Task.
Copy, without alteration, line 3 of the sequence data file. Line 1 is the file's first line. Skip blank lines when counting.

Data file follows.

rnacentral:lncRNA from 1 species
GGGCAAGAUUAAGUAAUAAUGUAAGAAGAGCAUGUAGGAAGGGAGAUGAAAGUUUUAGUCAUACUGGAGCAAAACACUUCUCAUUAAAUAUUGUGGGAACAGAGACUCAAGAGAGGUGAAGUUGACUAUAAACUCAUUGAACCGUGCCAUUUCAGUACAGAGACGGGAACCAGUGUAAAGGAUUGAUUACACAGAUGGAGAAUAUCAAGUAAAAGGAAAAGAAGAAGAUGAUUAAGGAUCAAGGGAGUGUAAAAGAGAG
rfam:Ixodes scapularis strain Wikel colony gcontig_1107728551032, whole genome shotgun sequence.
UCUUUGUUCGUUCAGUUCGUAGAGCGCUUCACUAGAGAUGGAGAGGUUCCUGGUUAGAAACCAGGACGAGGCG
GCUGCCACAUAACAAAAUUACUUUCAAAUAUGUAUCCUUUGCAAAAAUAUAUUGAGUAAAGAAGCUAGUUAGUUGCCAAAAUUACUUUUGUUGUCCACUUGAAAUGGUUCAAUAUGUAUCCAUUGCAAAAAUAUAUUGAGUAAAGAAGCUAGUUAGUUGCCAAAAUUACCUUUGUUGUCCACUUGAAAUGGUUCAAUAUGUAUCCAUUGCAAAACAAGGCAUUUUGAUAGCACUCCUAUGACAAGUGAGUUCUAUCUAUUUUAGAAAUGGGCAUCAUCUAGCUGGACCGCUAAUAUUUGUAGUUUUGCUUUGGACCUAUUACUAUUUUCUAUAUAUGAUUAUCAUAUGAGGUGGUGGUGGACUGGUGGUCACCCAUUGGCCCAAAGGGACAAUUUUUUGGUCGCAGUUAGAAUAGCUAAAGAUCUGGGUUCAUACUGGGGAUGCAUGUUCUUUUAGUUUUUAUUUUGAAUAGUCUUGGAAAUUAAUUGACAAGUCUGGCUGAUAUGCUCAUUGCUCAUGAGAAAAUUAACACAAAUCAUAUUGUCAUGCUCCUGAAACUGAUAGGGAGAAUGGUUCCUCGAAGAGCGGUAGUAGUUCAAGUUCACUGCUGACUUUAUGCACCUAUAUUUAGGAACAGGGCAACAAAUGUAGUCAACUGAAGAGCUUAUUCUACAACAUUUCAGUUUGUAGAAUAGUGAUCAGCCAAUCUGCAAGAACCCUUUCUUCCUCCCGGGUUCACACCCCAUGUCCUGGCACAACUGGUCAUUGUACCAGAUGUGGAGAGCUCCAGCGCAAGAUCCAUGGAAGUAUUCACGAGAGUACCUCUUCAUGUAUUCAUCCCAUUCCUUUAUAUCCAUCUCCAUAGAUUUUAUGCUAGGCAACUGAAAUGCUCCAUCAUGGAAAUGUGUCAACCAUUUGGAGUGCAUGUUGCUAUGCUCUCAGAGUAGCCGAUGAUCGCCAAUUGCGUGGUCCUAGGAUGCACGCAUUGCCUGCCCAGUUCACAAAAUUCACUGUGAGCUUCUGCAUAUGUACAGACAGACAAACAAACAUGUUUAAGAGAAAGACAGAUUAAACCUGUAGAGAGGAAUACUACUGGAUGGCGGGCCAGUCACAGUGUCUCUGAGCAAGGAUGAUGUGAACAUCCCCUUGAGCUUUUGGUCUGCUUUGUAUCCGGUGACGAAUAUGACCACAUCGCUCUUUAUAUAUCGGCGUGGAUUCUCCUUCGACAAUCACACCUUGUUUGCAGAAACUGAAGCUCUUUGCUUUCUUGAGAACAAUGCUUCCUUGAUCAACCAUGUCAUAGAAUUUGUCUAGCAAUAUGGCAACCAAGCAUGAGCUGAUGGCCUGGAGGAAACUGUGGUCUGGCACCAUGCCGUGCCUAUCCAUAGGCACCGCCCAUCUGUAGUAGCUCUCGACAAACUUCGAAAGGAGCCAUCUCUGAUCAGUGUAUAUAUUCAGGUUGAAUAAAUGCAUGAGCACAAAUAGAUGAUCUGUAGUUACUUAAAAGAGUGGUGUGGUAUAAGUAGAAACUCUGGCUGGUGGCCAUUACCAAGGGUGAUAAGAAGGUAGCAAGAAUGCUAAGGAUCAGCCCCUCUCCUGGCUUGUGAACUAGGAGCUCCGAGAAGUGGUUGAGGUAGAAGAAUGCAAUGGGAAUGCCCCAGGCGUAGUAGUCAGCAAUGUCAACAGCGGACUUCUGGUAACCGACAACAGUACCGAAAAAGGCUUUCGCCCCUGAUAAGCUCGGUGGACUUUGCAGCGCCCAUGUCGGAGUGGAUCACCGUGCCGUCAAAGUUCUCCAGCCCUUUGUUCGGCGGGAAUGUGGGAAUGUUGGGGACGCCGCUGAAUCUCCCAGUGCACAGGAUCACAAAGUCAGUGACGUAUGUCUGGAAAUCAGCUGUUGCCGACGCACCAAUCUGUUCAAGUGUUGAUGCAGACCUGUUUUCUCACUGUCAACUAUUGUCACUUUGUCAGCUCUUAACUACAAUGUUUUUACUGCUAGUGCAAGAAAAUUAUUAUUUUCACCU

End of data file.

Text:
rfam:Ixodes scapularis strain Wikel colony gcontig_1107728551032, whole genome shotgun sequence.